Results of the United States’ midterm elections are still pouring in across the country, as an unprecedented voter turnout aims to reshape the government at stratospheres large and small. The temptation is to find some sort of grand unifying narrative that ties all these hundreds of elections together into one big story, but in this case, there just may not be any there there.
No matter your political party, yesterday’s elections probably gave you a few things to celebrate and a few disappointments. Republicans held fast against gubernatorial challenges in places like Florida, Georgia and Texas, which will encourage conservatives who found old GOP bulwarks to be uncharacteristically vulnerable. But Democrats flipped the House of Representatives, which will create no small number of headaches for President Donald Trump’s agenda.
Some new amendments promise to create shockwaves in the future. Florida passed Amendment 4, which will restore the voting rights to citizens convicted of some felonies after they’ve served their time. This will restore the right to vote to over a million felons in Florida. Meanwhile in Massachusetts, Ayanna Pressley became the state’s first black congresswoman.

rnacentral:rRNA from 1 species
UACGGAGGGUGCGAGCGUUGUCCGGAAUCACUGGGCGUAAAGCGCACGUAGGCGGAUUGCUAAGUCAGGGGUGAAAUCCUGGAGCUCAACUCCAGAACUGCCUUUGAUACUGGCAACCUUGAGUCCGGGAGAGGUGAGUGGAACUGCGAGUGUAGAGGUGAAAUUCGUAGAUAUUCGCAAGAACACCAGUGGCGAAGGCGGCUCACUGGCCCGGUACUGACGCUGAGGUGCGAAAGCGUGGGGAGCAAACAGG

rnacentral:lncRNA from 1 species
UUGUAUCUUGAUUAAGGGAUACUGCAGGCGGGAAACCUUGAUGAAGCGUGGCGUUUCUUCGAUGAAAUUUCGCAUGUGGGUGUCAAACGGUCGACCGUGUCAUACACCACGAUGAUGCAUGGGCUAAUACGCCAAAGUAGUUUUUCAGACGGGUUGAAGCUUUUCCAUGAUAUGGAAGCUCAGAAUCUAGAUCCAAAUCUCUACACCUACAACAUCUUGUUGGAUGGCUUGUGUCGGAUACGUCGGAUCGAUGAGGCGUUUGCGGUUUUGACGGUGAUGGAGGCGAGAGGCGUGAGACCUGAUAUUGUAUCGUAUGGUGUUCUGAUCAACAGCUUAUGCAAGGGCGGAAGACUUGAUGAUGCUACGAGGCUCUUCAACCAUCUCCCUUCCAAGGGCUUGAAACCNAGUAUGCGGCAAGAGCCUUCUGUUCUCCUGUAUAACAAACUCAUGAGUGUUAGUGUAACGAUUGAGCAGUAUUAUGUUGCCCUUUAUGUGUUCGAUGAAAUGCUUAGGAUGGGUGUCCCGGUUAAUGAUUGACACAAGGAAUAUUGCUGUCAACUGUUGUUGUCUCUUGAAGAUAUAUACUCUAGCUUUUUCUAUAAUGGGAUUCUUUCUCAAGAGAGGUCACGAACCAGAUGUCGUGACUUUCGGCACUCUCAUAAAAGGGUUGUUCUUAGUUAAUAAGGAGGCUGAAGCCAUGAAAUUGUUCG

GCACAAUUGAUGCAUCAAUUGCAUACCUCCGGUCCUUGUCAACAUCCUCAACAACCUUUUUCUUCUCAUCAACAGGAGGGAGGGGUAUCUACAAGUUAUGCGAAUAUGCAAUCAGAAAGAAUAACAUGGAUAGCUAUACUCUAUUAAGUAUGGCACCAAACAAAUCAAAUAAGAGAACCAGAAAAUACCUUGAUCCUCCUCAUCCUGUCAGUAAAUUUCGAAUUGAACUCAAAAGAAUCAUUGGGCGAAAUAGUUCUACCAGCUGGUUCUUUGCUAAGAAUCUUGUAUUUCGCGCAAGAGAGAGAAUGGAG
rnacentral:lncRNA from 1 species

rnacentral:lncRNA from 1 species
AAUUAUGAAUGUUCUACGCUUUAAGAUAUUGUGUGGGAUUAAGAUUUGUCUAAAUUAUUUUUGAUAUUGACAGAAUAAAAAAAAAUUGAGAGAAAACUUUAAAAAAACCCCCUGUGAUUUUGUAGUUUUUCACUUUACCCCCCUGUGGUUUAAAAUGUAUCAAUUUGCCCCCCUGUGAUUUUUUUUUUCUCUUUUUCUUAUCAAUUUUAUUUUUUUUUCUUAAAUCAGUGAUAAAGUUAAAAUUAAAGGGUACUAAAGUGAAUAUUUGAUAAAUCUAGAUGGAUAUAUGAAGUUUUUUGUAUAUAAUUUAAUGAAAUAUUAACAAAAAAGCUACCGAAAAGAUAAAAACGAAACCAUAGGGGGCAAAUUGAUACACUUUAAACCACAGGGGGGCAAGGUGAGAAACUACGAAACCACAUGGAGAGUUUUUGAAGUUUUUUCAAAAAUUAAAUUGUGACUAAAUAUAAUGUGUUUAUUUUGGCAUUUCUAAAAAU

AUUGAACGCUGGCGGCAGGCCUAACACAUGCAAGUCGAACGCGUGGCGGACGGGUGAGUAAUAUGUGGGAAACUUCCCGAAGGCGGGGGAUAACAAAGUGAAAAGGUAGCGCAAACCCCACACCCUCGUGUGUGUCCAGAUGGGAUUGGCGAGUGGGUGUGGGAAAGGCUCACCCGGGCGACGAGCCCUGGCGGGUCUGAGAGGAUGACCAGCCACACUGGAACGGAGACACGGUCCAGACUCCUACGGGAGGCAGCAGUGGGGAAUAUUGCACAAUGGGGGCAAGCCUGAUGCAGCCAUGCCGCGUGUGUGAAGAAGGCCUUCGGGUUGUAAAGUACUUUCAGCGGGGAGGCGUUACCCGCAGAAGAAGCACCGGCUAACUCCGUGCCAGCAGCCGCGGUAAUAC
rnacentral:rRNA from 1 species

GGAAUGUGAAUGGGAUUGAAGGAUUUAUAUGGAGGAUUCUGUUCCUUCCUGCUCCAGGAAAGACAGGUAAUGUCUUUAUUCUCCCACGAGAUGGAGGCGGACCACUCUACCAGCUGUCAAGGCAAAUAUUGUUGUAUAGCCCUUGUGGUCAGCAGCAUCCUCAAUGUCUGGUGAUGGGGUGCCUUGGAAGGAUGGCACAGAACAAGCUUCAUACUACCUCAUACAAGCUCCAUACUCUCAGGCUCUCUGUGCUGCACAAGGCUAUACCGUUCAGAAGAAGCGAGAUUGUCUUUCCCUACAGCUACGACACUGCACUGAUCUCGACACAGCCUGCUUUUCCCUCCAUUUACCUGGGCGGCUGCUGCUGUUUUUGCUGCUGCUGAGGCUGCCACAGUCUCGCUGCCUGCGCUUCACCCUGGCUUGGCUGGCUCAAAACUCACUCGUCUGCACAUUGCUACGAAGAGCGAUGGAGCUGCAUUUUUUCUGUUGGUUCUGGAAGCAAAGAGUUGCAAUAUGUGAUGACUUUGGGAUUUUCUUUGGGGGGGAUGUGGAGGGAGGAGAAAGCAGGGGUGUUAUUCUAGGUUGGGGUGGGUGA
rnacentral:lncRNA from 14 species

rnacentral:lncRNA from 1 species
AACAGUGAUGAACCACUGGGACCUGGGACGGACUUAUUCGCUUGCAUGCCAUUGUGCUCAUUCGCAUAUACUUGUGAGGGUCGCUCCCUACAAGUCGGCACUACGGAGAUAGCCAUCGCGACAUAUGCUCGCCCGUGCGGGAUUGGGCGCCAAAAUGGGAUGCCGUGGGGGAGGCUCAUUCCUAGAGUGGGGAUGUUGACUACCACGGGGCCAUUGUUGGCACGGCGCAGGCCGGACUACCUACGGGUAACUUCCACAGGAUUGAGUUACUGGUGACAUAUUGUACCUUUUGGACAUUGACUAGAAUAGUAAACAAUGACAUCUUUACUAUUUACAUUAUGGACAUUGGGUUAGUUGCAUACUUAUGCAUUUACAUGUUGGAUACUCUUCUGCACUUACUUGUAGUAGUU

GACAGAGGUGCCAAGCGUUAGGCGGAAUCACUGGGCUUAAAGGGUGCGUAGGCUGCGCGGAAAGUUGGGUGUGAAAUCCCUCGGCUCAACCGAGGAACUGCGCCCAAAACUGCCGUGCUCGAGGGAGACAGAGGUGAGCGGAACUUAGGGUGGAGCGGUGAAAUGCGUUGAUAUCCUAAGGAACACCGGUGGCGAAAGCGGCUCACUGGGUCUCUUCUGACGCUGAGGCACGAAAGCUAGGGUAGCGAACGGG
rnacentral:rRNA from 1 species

As Vox points out, the huge rightwing victory in 2010 led to Republican control over how voting districts were drawn, leading to a swash of gerrymandering that has paid off for Trump and his party in big ways. But Democratic victories will likely lead to some very different voting lines in the near future. Sho while there may not be any big takeaway from this 2018 midterm election, the consequences nevertheless promise to reverberate in seismic ways going forward.